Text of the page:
Ok, I apologize if this info has been covered in other posts, but just a quick summary, as it addresses some questions regarding what Bulova actually manufactured.
Bulova owned the factory(s) in Switzerland that manufactured ebauches for their watches. An ebauche is a raw movt, and can be modified to a particular finished design. There are references to the factory being operational by 1912. Before US modifications to raw ebauches became common practise for Bulova, I suspect that complete movements and watches were manufactured here in Switzerland.
The US factory made plates, dials, and escapements that were fitted to these, and other ebauches, which Bulova purchased from various leading ebauche manufactures, like ETA, FHF, Felsa, A.Schild, Aurore-Villeret, Sonceboz, Glycine, Peseux, Unitas, FEF (Fleurier), Le Phare, Junghans (alarm), Gruen, Venus, Michel, Liengme, Recta, and possibly others. The ebauches from Gruen were of the famed Aegler company, jointly owned by Rolex, Gruen and Aegler.
In 1930, Bulova was manufacturing components, that is, plates, dials and escapements in the US at their factory. By about 1940, Bulova was manufacturing complete watches, and by the early 1950s, they were producing over a million watches per year, approximately half being imported Swiss, and half Domestic (US). It seems the watches were always cased and assembled in the US. The cases, as we know, were sourced from various casemakers.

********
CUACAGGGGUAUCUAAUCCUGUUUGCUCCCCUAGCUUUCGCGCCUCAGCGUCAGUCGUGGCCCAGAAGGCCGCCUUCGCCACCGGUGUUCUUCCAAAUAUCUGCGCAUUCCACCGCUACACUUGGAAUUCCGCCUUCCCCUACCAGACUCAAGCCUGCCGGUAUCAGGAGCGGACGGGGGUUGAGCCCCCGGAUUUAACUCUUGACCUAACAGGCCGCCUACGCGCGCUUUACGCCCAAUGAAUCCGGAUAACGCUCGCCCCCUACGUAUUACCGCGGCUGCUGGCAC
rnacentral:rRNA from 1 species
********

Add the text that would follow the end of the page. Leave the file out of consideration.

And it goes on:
So Bulova did indeed use US made in house movts as well as Swiss in house movts, but these are in the minority. Keep in mind, a lot of major compnanies like Rolex, Breitling, and Panerai only started producing their own in house calibres relatively recently. Panerai, for example, once famously used a Rolex movt in their watches, but it was sourced by Rolex from Cortebert.
As a watchmaker, I find this to be very defining information, and I have a deep respect for Mr Joseph Bulova, and what he did, especially when he re-trained war vets to become watchmakers at his school, many of whom were physically handicapped or had other trauma related to the war, and would have probably been marginalized and under employed, if at all. My hat is off.